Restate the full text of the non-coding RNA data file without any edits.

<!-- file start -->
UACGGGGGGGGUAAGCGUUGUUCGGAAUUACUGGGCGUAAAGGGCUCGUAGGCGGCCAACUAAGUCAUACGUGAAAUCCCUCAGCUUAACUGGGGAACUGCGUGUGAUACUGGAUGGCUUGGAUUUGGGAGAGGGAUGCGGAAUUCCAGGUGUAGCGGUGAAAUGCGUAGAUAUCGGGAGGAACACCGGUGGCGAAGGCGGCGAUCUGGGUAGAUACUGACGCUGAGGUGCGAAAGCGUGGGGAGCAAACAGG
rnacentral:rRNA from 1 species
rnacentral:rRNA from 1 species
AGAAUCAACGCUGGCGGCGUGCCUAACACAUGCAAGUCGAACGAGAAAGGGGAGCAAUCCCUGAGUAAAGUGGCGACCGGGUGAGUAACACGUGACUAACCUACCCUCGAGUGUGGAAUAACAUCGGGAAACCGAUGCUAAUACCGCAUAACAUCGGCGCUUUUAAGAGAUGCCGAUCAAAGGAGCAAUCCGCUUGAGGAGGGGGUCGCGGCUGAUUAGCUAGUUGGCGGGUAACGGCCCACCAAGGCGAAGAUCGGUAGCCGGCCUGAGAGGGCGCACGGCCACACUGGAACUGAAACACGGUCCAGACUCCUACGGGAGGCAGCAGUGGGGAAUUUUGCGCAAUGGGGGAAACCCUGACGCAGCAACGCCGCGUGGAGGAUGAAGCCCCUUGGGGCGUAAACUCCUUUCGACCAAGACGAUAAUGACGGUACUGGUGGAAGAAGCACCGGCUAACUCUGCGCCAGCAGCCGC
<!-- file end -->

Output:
UACGGGGGGGGUAAGCGUUGUUCGGAAUUACUGGGCGUAAAGGGCUCGUAGGCGGCCAACUAAGUCAUACGUGAAAUCCCUCAGCUUAACUGGGGAACUGCGUGUGAUACUGGAUGGCUUGGAUUUGGGAGAGGGAUGCGGAAUUCCAGGUGUAGCGGUGAAAUGCGUAGAUAUCGGGAGGAACACCGGUGGCGAAGGCGGCGAUCUGGGUAGAUACUGACGCUGAGGUGCGAAAGCGUGGGGAGCAAACAGG
rnacentral:rRNA from 1 species
rnacentral:rRNA from 1 species
AGAAUCAACGCUGGCGGCGUGCCUAACACAUGCAAGUCGAACGAGAAAGGGGAGCAAUCCCUGAGUAAAGUGGCGACCGGGUGAGUAACACGUGACUAACCUACCCUCGAGUGUGGAAUAACAUCGGGAAACCGAUGCUAAUACCGCAUAACAUCGGCGCUUUUAAGAGAUGCCGAUCAAAGGAGCAAUCCGCUUGAGGAGGGGGUCGCGGCUGAUUAGCUAGUUGGCGGGUAACGGCCCACCAAGGCGAAGAUCGGUAGCCGGCCUGAGAGGGCGCACGGCCACACUGGAACUGAAACACGGUCCAGACUCCUACGGGAGGCAGCAGUGGGGAAUUUUGCGCAAUGGGGGAAACCCUGACGCAGCAACGCCGCGUGGAGGAUGAAGCCCCUUGGGGCGUAAACUCCUUUCGACCAAGACGAUAAUGACGGUACUGGUGGAAGAAGCACCGGCUAACUCUGCGCCAGCAGCCGC